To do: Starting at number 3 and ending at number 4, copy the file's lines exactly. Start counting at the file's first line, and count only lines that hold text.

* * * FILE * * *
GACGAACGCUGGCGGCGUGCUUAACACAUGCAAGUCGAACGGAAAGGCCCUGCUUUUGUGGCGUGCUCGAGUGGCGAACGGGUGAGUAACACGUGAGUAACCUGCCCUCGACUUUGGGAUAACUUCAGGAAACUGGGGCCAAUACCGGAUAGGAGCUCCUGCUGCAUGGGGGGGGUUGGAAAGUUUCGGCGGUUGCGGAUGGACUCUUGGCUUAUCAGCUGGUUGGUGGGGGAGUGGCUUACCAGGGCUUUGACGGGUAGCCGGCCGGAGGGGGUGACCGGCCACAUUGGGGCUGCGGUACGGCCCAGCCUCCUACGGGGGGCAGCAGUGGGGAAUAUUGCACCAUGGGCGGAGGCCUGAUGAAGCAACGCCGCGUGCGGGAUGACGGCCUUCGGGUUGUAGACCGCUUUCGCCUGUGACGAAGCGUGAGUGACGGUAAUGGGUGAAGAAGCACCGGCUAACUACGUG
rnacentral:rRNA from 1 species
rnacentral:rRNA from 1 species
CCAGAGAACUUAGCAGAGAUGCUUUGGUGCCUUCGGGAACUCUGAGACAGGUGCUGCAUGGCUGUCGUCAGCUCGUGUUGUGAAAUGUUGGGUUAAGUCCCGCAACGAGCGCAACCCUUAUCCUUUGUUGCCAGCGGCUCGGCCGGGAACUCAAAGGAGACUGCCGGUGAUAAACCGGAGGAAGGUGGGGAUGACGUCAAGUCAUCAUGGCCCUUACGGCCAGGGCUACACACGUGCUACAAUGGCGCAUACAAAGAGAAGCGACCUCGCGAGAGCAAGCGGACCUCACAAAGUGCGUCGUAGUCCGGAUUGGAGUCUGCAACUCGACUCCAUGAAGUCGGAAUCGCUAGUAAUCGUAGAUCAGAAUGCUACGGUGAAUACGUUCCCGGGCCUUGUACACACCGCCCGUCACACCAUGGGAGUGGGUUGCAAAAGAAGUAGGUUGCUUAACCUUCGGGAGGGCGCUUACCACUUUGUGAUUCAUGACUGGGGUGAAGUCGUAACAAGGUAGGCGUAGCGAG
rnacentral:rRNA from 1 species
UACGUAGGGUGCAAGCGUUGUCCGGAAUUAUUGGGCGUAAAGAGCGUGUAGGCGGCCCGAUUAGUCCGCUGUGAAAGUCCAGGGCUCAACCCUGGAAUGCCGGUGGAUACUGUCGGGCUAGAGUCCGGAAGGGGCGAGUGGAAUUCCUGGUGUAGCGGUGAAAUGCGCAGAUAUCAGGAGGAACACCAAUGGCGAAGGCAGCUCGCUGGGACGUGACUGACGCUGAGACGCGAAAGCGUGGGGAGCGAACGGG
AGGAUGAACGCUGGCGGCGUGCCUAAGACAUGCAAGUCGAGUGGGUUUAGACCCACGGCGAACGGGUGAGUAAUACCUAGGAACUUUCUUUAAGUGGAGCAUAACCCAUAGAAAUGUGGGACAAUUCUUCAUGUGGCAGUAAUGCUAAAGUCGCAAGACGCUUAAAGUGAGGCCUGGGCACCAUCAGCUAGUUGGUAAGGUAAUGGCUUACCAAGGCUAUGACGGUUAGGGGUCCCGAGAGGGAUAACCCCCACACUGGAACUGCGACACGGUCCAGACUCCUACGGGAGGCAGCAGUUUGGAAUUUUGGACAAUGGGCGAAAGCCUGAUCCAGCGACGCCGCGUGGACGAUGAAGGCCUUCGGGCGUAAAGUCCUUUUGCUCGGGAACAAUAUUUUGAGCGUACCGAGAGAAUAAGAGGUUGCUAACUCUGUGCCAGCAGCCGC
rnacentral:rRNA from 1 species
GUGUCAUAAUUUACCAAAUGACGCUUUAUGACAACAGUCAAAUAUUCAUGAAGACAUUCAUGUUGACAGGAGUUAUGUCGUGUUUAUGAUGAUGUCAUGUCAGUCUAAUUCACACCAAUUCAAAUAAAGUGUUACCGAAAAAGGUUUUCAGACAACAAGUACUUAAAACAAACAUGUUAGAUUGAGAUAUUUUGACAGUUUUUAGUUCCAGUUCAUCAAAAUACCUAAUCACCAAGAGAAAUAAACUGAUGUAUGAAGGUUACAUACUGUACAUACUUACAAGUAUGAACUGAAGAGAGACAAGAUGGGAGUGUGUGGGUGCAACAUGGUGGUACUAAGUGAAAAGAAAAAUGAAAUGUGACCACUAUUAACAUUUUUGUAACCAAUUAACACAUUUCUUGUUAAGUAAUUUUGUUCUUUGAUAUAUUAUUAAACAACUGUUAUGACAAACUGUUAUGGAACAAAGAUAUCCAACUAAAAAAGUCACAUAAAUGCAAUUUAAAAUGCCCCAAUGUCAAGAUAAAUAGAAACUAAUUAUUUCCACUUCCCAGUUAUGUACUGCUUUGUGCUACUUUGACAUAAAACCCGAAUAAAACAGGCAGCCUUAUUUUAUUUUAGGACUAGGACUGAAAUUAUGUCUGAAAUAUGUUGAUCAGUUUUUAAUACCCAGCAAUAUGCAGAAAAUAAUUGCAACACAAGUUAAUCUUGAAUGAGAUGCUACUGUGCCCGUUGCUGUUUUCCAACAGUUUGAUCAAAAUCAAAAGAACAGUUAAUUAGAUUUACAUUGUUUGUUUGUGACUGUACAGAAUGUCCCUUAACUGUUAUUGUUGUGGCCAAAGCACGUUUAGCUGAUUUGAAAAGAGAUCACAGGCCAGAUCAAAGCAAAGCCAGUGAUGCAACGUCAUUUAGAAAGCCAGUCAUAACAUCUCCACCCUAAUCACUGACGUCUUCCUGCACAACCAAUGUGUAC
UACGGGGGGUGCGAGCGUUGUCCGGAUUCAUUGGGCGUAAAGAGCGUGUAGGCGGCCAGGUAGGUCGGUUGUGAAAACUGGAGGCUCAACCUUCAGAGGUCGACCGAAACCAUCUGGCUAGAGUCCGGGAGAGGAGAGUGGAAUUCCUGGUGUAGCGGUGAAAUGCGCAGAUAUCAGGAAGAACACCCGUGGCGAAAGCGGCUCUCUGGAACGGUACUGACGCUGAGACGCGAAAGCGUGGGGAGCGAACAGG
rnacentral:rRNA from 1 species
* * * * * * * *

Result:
rnacentral:rRNA from 1 species
CCAGAGAACUUAGCAGAGAUGCUUUGGUGCCUUCGGGAACUCUGAGACAGGUGCUGCAUGGCUGUCGUCAGCUCGUGUUGUGAAAUGUUGGGUUAAGUCCCGCAACGAGCGCAACCCUUAUCCUUUGUUGCCAGCGGCUCGGCCGGGAACUCAAAGGAGACUGCCGGUGAUAAACCGGAGGAAGGUGGGGAUGACGUCAAGUCAUCAUGGCCCUUACGGCCAGGGCUACACACGUGCUACAAUGGCGCAUACAAAGAGAAGCGACCUCGCGAGAGCAAGCGGACCUCACAAAGUGCGUCGUAGUCCGGAUUGGAGUCUGCAACUCGACUCCAUGAAGUCGGAAUCGCUAGUAAUCGUAGAUCAGAAUGCUACGGUGAAUACGUUCCCGGGCCUUGUACACACCGCCCGUCACACCAUGGGAGUGGGUUGCAAAAGAAGUAGGUUGCUUAACCUUCGGGAGGGCGCUUACCACUUUGUGAUUCAUGACUGGGGUGAAGUCGUAACAAGGUAGGCGUAGCGAG